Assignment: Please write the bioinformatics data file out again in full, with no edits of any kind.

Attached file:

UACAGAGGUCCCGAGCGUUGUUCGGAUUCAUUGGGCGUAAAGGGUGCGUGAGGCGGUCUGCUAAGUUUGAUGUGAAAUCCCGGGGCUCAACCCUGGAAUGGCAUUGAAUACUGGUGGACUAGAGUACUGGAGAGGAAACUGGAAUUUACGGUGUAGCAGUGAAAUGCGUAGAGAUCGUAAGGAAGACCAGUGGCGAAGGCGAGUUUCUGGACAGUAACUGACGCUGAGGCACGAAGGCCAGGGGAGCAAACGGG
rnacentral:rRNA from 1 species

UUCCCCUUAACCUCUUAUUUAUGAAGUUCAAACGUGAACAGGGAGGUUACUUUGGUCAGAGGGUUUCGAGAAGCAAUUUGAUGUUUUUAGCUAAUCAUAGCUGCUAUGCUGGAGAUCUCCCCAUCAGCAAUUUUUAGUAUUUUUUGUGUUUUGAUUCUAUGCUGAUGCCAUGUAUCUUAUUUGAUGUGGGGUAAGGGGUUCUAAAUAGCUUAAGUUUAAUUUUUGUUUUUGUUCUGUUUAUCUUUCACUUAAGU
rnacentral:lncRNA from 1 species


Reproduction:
UACAGAGGUCCCGAGCGUUGUUCGGAUUCAUUGGGCGUAAAGGGUGCGUGAGGCGGUCUGCUAAGUUUGAUGUGAAAUCCCGGGGCUCAACCCUGGAAUGGCAUUGAAUACUGGUGGACUAGAGUACUGGAGAGGAAACUGGAAUUUACGGUGUAGCAGUGAAAUGCGUAGAGAUCGUAAGGAAGACCAGUGGCGAAGGCGAGUUUCUGGACAGUAACUGACGCUGAGGCACGAAGGCCAGGGGAGCAAACGGG
rnacentral:rRNA from 1 species

UUCCCCUUAACCUCUUAUUUAUGAAGUUCAAACGUGAACAGGGAGGUUACUUUGGUCAGAGGGUUUCGAGAAGCAAUUUGAUGUUUUUAGCUAAUCAUAGCUGCUAUGCUGGAGAUCUCCCCAUCAGCAAUUUUUAGUAUUUUUUGUGUUUUGAUUCUAUGCUGAUGCCAUGUAUCUUAUUUGAUGUGGGGUAAGGGGUUCUAAAUAGCUUAAGUUUAAUUUUUGUUUUUGUUCUGUUUAUCUUUCACUUAAGU
rnacentral:lncRNA from 1 species